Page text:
What lies beyond the pandemic? MassForward is MassLive’s series examining the journey of Massachusetts’ small businesses through and beyond the coronavirus pandemic.
Restaurants across Massachusetts are struggling for survival following Gov. Baker’s shutdown of non-essential businesses until at least May 4 due to the coronavirus pandemic.
Many have decided to simply close their doors during the pandemic. Some, however, have managed to stay open by altering menus and offering takeout options. To stay afloat with a decrease in overall sales that for many establishments is over 90%, these small businesses are in desperate need of an influx of cash.
Teri Skinner, owner of popular downtown Springfield sandwich shop NOSH, recently learned that her application for a $20,000 loan through the Paycheck Protection Program was approved.
The PPP program is included in the $2.2 trillion stimulus package signed into law by President Donald J. Trump. It provides loans for businesses impacted by the coronavirus pandemic if they promise to continue to pay their employees.
“I found out Friday that I was approved for it which is good,” said Skinner. “I know that a lot of people [that] applied for it [said] that there’s no money left.”
Business has picked up for NOSH over the course of the pandemic. Skinner had to lay off all her staff at the beginning of the crisis but now she has been able hire back two employees to help with orders.
Nearly 47,000 small businesses in Massachusetts were approved for a combined $10.36 billion in PPP loans before the program ran out of funding on Thursday, according to newly published data.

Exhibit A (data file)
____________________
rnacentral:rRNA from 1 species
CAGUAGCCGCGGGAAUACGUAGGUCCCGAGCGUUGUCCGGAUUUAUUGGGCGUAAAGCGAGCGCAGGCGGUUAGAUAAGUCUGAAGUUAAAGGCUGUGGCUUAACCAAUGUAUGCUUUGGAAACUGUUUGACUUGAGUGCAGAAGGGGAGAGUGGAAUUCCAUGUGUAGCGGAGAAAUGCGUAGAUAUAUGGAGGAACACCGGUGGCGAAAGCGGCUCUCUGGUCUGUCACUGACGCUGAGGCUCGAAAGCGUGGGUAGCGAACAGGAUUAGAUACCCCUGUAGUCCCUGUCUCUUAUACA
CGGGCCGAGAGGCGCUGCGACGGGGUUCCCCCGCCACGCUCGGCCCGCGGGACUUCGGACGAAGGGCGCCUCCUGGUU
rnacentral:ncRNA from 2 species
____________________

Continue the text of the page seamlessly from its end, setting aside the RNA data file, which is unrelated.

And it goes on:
The Bay State punched above its weight when it comes to PPP activity. It ranked ninth in terms of both the number and value of the loans approved by the U.S. Small Business Administration, even though it ranks 15th among states in total population.
“Things are going awesome,” said Skinner on Friday. “We got [approved the Prime the Pump funding of] $5,000 so that just kind of gave me that little safety net that helped us transition into doing an entirely different model of our restaurant. We started doing family meals, at-home delivery. We started this Nosh pantry.”
The “Prime the Pump” program offered grants up to $15,000 to provide immediate financial relief for restaurants.
“The first round of checks went out on Friday,” said Springfield Mayor Domenic J. Sarno said in a press briefing at city hall on Monday. “The second round is being done right now.”
The second round of the “Prime the Pump” program, which relies on federal Community Development Block Grant money, is over twice the amount of the first, which sent $222,000 to 30 restaurants in the city.
The city said Friday it was overwhelmed in that first round with 80 applications totaling over $1 million in requests, four times the amount that was available.
Skinner also applied for the PPP loan through TD Bank, which started accepting digital loan applications on April 6.
“TD Bank continued to accept and process Paycheck Protection Program loan applications until U.S. Small Business Administration funding for the program was exhausted on April 16,” said a spokesperson for TD Bank. “In total, we approved nearly 26,000 PPP applications for a total of approximately $6 billion.”